15     Irregular (changes with weather conditions, production demands, or contract duration)
Indoors, Not Environmentally Controlled — How often does this job require working indoors in non-controlled environmental conditions (e.g., warehouse without heat)?


42     Once a year or more but not every month
44     Never
Sounds, Noise Levels Are Distracting or Uncomfortable — How often does this job require working exposed to sounds and noise levels that are distracting or uncomfortable?


47     Once a year or more but not every month
41     Never
Spend Time Bending or Twisting the Body — How much does this job require bending or twisting your body?
Outdoors, Under Cover — How often does this job require working outdoors, under cover (e.g., structure with roof but no walls)?


33     Once a year or more but not every month
56     Never
Exposed to Minor Burns, Cuts, Bites, or Stings — How often does this job require exposure to minor burns, cuts, bites, or stings?


77     Never
Spend Time Keeping or Regaining Balance — How much does this job require keeping or regaining your balance?


30     Less than half the time
63     Never
Wear Common Protective or Safety Equipment such as Safety Shoes, Glasses, Gloves, Hearing Protection, Hard Hats, or Life Jackets — How much does this job require wearing common protective or safety equipment such as safety shoes, glasses, gloves, hard hats or life jackets?


12     Once a month or more but not every week
81     Never
Exposed to Contaminants — How often does this job require working exposed to contaminants (such as pollutants, gases, dust or odors)?


16     Once a year or more but not every month
76     Never
Exposed to High Places — How often does this job require exposure to high places?


21     Once a year or more but not every month
72     Never
Spend Time Kneeling, Crouching, Stooping, or Crawling — How much does this job require kneeling, crouching, stooping or crawling?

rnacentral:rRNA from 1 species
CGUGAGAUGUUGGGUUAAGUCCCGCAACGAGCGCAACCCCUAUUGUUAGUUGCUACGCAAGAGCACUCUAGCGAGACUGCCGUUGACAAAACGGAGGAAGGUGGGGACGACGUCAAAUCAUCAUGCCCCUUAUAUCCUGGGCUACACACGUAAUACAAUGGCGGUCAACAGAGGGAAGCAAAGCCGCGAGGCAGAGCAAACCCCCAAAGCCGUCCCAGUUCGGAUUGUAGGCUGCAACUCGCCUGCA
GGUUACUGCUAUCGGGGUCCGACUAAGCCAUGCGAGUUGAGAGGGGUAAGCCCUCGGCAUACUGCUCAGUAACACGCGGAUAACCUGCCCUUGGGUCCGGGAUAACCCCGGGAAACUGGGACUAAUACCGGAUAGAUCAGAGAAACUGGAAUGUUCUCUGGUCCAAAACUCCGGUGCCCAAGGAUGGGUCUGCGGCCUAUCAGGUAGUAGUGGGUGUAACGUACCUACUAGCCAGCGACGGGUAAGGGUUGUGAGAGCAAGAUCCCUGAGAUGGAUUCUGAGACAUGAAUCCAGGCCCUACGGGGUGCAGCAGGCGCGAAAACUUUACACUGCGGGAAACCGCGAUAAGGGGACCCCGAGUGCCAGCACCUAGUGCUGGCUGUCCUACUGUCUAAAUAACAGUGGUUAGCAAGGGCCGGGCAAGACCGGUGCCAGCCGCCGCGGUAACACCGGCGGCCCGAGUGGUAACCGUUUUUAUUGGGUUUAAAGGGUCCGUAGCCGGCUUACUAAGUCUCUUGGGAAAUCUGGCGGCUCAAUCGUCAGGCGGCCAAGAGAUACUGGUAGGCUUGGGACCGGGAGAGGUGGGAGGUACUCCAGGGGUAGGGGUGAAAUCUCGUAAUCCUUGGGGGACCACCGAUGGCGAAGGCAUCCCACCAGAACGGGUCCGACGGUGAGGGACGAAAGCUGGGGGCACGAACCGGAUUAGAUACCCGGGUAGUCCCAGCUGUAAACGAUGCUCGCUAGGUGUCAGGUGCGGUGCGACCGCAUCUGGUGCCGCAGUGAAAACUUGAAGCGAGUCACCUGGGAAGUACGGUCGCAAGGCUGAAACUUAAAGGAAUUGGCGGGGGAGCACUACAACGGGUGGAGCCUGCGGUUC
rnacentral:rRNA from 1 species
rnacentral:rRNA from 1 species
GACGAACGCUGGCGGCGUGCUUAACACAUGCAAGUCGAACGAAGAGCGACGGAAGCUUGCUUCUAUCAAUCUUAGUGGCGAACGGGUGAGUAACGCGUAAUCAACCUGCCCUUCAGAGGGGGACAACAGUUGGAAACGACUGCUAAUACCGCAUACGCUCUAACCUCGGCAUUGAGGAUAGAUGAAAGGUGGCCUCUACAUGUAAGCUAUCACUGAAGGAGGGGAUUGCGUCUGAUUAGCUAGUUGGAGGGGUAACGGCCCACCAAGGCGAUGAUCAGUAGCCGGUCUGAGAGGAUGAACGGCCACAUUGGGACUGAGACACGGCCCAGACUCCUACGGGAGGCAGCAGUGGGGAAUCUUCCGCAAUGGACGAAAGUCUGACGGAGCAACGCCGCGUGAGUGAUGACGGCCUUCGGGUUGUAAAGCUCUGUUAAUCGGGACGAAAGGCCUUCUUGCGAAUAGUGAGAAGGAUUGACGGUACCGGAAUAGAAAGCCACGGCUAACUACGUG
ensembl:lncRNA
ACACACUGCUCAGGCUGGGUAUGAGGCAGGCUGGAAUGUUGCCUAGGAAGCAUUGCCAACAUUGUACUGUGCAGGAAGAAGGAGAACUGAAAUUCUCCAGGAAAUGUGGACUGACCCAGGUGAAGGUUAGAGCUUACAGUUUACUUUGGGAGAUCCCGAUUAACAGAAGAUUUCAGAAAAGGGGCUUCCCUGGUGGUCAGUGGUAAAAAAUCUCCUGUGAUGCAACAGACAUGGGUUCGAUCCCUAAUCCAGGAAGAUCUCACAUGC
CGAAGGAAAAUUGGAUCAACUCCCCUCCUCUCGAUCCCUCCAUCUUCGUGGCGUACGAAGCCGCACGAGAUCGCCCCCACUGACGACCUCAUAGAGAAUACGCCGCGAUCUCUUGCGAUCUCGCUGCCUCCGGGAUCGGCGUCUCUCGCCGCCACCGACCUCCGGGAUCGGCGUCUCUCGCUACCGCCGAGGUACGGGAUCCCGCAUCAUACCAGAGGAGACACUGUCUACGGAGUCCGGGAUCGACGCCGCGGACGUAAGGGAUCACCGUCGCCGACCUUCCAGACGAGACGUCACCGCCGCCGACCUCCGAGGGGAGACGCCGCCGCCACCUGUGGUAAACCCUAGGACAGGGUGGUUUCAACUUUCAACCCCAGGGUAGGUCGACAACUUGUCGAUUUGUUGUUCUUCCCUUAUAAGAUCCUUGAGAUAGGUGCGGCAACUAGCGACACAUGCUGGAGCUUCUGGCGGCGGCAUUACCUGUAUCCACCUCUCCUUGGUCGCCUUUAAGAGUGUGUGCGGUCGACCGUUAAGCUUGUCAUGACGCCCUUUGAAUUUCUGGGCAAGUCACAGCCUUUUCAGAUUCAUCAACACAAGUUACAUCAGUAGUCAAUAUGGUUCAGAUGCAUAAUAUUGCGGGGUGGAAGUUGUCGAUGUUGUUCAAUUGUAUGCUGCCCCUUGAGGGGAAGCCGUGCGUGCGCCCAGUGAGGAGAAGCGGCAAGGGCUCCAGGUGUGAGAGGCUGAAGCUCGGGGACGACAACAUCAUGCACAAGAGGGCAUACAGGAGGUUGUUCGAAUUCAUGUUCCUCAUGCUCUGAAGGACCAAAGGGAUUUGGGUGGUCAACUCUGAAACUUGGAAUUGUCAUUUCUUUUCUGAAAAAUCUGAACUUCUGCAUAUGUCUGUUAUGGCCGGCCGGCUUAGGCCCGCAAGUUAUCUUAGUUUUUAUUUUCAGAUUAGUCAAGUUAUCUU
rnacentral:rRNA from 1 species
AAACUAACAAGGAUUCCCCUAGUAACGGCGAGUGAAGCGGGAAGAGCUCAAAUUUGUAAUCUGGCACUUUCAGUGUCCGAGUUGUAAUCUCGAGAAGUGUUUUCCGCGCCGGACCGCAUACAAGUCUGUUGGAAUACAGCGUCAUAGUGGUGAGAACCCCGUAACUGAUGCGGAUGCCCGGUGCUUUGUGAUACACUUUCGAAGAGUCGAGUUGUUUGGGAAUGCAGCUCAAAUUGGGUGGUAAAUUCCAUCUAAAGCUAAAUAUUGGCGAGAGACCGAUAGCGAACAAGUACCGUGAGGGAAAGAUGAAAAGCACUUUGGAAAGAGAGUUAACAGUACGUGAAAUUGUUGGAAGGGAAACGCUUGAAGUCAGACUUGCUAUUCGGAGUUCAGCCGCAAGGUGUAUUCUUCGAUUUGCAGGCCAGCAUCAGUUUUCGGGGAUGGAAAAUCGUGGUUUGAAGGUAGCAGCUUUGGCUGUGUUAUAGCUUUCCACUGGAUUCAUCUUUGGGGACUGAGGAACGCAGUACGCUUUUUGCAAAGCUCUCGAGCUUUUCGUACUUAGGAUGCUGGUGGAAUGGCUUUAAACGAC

41     Less than half the time
59     Never
In an Open Vehicle or Equipment — How often does this job require working in an open vehicle or equipment (e.g., tractor)?


93     Never
Spend Time Climbing Ladders, Scaffolds, or Poles — How much does this job require climbing ladders, scaffolds, or poles?


29     Less than half the time
71     Never
Cramped Work Space, Awkward Positions — How often does this job require working in cramped work spaces that requires getting into awkward positions?


15     Once a year or more but not every month
80     Never
Extremely Bright or Inadequate Lighting — How often does this job require working in extremely bright or inadequate lighting conditions?


13     Once a year or more but not every month
83     Never
Exposed to Disease or Infections — How often does this job require exposure to disease/infections?


93     Never
Wear Specialized Protective or Safety Equipment such as Breathing Apparatus, Safety Harness, Full Protection Suits, or Radiation Protection — How much does this job require wearing specialized protective or safety equipment such as breathing apparatus, safety harness, full protection suits, or radiation protection?


93     Never
Exposed to Hazardous Conditions — How often does this job require exposure to hazardous conditions?


93     Never
Exposed to Hazardous Equipment — How often does this job require exposure to hazardous equipment?


92     Never
Exposed to Whole Body Vibration — How often does this job require exposure to whole body vibration (e.g., operate a jackhammer)?


97     Never
Pace Determined by Speed of Equipment — How important is it to this job that the pace is determined by the speed of equipment or machinery? (This does not refer to keeping busy at all times on this job.)


96     Not important at all
Deal With Physically Aggressive People — How frequently does this job require the worker to deal with physical aggression of violent individuals?